Are Coptic Christians persecuted in Egypt?

Juliana Iskandar (جوليانا إسكندر), I am a Coptic-Egyptian-American
Answered Aug 12 is Quora

Hell Yes!

I’m tired of all the people denying that we are. No matter what your intentions are, you’re honestly not helping anyone by denying that it’s happening. Just go to Egypt. See for yourself how the Copts are treated. Ask them if they know someone who has been killed in the bombings, you will likely find someone who knows someone who was killed or injured by them or the mobs. Egypt has problems with the way it treats the Copts. That’s an observable fact. In some parts of Cairo and the rest of the country, I get stared at and harassed if I go without hijab. That shouldn’t happen. None of this should be happening frankly.

An Islamist mob burning down a church.

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Church Fires in France

Stories of recent church fires in France resurface as Notre Dame burns

According to Snopes: “According to data provided by two official sources (France’s Interior Ministry and the national police), around 700 to 877 acts of vandalism occurred at Christian places of worship in France in 2018, a rate of 1.9 to 2.4 per day.”




Vinaigrette : Because Life Is Bitter and Sweet - Linda C. Barrett

VINAIGRETTE “Sorrow and Joy – an odd chemistry whose elements do not form solution like oil and vinegar – one soothing – one acerbic… Compelled to consume The bitter-sweet potion. I must choose. Die; or eat and live.” (from the poem “Vinaigrette”) We live in a bitter/sweet world. It’s bitter because of sin and the Fall. It’s sweet because the earth bears evidence of God’s splendor, and he has restored hope and intimacy with himself through Christ. God’s tender call is, “Come to me. The world is filled with tribulation, but I AM the balm for your sadness, the rest for your restlessness, and forgiveness for sin. In this life, aches may never vanish, but I am present, and I AM enough.” The poems in this collection emerge from a lifetime of effort to fuse conflicting realities. During the struggle to make all things sweet, God’s extravagant grace and love became a salve for suffering and a source of joy-even in unhealed pain. Let us, with brutal honesty, embrace this mysterious paradox, and with love-soothed scars begin to see who we really are-God’s beloved children. Come. Read. Taste and see that the Lord is good.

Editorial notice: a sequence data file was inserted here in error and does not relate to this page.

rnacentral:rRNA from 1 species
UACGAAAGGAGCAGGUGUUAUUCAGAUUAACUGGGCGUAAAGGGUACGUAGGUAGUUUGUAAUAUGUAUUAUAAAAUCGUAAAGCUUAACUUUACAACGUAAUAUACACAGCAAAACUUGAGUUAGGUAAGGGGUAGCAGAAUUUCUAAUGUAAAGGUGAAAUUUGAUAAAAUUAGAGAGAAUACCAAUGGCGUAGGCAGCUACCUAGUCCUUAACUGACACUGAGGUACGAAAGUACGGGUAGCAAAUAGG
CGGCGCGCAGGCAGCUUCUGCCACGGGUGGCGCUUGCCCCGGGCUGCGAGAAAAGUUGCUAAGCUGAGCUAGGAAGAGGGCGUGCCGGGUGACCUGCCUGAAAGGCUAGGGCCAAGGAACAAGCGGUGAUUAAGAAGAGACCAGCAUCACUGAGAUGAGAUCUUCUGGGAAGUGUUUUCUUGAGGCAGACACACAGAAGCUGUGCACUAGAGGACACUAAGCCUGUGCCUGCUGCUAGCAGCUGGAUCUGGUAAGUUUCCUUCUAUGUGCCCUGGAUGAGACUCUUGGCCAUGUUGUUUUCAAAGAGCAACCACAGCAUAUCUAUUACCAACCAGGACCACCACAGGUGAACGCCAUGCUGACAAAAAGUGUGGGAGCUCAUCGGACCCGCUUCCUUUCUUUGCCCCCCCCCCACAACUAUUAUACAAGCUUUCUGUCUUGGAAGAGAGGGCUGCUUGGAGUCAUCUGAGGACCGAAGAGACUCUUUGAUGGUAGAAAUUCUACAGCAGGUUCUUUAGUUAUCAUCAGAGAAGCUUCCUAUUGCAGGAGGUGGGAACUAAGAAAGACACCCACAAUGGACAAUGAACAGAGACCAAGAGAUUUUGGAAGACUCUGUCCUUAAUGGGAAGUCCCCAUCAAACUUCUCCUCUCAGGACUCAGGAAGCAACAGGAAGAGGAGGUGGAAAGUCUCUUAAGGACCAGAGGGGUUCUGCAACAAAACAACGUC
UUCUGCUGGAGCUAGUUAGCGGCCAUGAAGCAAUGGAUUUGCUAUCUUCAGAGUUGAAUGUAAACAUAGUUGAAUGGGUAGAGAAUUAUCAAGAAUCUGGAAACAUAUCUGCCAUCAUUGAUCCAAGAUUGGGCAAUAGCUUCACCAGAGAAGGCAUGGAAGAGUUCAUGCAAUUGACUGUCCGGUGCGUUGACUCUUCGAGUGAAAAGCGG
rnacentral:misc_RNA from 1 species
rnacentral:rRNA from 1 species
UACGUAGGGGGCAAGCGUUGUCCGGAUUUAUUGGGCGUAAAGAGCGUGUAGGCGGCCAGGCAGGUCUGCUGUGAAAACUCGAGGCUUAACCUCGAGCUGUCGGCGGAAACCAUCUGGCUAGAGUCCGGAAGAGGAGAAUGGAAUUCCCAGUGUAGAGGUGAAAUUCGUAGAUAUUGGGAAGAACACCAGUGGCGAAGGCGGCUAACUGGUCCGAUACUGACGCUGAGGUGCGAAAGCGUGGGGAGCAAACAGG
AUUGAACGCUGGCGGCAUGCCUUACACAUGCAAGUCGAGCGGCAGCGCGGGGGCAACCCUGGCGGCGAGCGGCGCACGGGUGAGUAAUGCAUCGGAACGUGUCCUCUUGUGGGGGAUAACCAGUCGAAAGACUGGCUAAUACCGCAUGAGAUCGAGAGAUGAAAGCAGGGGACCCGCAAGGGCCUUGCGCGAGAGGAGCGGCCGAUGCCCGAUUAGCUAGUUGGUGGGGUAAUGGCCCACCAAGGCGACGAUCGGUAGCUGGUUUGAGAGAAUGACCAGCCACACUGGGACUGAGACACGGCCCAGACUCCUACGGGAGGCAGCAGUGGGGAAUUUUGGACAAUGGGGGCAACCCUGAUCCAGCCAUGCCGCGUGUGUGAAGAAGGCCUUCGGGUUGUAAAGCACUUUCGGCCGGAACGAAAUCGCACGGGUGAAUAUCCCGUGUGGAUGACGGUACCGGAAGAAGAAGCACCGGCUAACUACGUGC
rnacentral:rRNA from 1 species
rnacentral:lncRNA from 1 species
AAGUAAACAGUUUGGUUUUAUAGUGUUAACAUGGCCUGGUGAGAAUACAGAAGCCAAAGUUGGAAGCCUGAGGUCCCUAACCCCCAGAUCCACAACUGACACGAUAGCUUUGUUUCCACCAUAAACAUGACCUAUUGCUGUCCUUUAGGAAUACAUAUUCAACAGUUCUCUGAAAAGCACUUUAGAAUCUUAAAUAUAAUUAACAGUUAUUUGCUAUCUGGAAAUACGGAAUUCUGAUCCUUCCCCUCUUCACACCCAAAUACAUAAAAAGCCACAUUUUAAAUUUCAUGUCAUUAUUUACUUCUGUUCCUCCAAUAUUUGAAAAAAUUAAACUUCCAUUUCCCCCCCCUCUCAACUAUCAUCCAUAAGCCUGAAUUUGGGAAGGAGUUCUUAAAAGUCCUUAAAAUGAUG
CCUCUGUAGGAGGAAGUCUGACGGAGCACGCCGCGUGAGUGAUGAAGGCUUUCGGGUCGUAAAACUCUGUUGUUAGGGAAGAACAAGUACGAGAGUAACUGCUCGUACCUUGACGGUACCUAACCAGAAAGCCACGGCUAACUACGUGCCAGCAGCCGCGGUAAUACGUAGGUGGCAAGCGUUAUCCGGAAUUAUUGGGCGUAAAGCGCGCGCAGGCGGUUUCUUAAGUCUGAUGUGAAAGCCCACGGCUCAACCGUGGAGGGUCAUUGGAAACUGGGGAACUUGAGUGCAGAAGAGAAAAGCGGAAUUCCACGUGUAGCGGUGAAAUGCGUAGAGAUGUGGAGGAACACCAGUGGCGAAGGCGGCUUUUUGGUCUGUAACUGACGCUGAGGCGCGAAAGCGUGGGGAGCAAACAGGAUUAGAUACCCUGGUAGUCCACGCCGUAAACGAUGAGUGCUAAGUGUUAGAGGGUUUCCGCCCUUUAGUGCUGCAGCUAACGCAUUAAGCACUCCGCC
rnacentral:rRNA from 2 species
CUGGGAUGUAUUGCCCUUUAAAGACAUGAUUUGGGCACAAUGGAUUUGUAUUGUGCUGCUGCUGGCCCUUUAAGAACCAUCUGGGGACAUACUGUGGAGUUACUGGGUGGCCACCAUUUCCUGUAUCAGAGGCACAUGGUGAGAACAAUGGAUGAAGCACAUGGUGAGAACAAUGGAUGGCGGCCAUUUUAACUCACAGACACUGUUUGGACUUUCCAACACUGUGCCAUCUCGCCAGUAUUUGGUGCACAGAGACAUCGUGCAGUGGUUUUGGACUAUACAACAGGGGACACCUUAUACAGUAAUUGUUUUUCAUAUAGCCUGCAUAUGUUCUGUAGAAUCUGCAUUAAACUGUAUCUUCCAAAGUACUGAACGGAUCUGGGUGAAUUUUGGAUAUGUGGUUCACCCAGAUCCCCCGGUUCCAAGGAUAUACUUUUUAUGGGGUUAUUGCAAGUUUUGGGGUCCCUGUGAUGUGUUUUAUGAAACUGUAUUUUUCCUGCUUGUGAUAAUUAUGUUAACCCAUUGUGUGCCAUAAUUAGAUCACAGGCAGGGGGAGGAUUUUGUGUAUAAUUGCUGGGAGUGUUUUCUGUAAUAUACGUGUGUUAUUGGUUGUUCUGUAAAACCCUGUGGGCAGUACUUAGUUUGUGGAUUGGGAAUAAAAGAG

More to come from Vinaigrette, a new book of poetry.

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I love this confession, a confession of a whole church.

We’re a family made up of people who share two things in common: our hearts long—even ache—for something bigger, deeper, richer than words can express; and we’re finding that longing answered as we learn to say “yes” to Jesus.

See a whole church worshiping unified.